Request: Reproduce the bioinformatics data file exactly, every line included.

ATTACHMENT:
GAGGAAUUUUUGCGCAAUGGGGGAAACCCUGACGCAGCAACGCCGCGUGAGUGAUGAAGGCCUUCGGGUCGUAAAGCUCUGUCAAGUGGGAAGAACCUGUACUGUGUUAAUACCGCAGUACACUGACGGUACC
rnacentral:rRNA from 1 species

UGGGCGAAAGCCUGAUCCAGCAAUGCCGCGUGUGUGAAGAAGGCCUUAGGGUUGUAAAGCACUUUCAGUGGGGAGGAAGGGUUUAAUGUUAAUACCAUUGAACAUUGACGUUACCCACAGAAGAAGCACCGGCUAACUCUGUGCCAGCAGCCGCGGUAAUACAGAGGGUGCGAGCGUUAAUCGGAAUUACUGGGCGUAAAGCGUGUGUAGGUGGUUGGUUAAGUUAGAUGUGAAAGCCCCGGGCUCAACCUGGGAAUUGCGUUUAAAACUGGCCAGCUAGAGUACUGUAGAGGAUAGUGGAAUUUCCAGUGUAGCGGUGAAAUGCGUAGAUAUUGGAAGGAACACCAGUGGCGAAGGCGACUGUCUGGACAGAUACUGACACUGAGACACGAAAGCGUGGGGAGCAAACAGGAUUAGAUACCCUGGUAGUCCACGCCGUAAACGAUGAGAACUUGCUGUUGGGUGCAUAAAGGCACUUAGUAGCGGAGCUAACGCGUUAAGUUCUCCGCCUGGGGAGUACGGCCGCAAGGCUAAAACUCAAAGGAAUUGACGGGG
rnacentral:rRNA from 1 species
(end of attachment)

GAGGAAUUUUUGCGCAAUGGGGGAAACCCUGACGCAGCAACGCCGCGUGAGUGAUGAAGGCCUUCGGGUCGUAAAGCUCUGUCAAGUGGGAAGAACCUGUACUGUGUUAAUACCGCAGUACACUGACGGUACC
rnacentral:rRNA from 1 species

UGGGCGAAAGCCUGAUCCAGCAAUGCCGCGUGUGUGAAGAAGGCCUUAGGGUUGUAAAGCACUUUCAGUGGGGAGGAAGGGUUUAAUGUUAAUACCAUUGAACAUUGACGUUACCCACAGAAGAAGCACCGGCUAACUCUGUGCCAGCAGCCGCGGUAAUACAGAGGGUGCGAGCGUUAAUCGGAAUUACUGGGCGUAAAGCGUGUGUAGGUGGUUGGUUAAGUUAGAUGUGAAAGCCCCGGGCUCAACCUGGGAAUUGCGUUUAAAACUGGCCAGCUAGAGUACUGUAGAGGAUAGUGGAAUUUCCAGUGUAGCGGUGAAAUGCGUAGAUAUUGGAAGGAACACCAGUGGCGAAGGCGACUGUCUGGACAGAUACUGACACUGAGACACGAAAGCGUGGGGAGCAAACAGGAUUAGAUACCCUGGUAGUCCACGCCGUAAACGAUGAGAACUUGCUGUUGGGUGCAUAAAGGCACUUAGUAGCGGAGCUAACGCGUUAAGUUCUCCGCCUGGGGAGUACGGCCGCAAGGCUAAAACUCAAAGGAAUUGACGGGG
rnacentral:rRNA from 1 species